The president's plan for Iraq involves setting up joint U.S.-Iraqi security outposts throughout Baghdad so that the relative safety of the Green Zone can be spread first into greater Baghdad and then across the entire country.
It may be time to go back to square one.
Inside the Green Zone today, a bomb exploded in a cafeteria in Iraq's parliament building, killing at least two lawmakers -- one Sunni and one Shiite, apparently -- and injuring at least four other people.
The Associated Press is calling the attack "the clearest evidence yet that militants can penetrate even the most secure locations" and a "stunning security breach." But it seems that U.S. and Iraqi officials weren't entirely surprised by the incursion. As the AP notes, security officials had taken the unusual step, earlier in the day, of using bomb-sniffing dogs to check people entering the parliament building.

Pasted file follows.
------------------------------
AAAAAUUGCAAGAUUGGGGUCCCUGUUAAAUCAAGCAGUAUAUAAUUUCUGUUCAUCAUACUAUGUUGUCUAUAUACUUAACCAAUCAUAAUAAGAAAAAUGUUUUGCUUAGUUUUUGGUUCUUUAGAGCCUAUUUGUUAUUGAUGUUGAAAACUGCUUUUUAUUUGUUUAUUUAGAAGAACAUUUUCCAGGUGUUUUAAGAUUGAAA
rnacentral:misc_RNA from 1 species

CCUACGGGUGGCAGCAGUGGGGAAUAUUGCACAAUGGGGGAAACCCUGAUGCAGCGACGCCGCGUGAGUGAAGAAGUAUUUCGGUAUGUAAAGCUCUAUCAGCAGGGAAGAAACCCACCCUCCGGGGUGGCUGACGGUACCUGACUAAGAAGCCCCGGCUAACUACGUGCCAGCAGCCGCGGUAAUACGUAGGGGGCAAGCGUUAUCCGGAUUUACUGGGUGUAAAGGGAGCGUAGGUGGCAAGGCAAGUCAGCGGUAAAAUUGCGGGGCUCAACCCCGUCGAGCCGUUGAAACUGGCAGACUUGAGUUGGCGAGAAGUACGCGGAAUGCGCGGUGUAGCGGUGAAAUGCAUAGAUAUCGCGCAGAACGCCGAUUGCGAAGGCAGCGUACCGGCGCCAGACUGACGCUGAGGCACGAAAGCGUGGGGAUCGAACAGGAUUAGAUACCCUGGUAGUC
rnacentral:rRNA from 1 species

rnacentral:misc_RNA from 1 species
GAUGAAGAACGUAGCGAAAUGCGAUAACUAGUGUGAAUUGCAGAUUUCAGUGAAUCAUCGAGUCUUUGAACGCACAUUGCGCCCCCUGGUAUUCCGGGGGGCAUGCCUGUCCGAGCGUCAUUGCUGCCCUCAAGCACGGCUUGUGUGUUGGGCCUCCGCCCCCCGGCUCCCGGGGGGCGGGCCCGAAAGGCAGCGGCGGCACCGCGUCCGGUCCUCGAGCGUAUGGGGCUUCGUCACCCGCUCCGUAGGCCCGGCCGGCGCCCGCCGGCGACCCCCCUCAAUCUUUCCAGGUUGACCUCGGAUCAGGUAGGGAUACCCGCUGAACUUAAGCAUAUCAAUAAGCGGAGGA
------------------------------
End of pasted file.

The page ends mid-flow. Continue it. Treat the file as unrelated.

In late March, a U.S. soldier and a U.S. contractor were killed in a rocket attack inside the Green Zone. And earlier this month, a U.S. military briefer acknowledged that two suicide-bomber vests had been found inside the Zone. "This is a challenging security environment," Rear Adm. Mark Fox said at the time. "And whether you're in the international zone or whether you're in the rest of Baghdad, we are committed to providing security for the people of Iraq."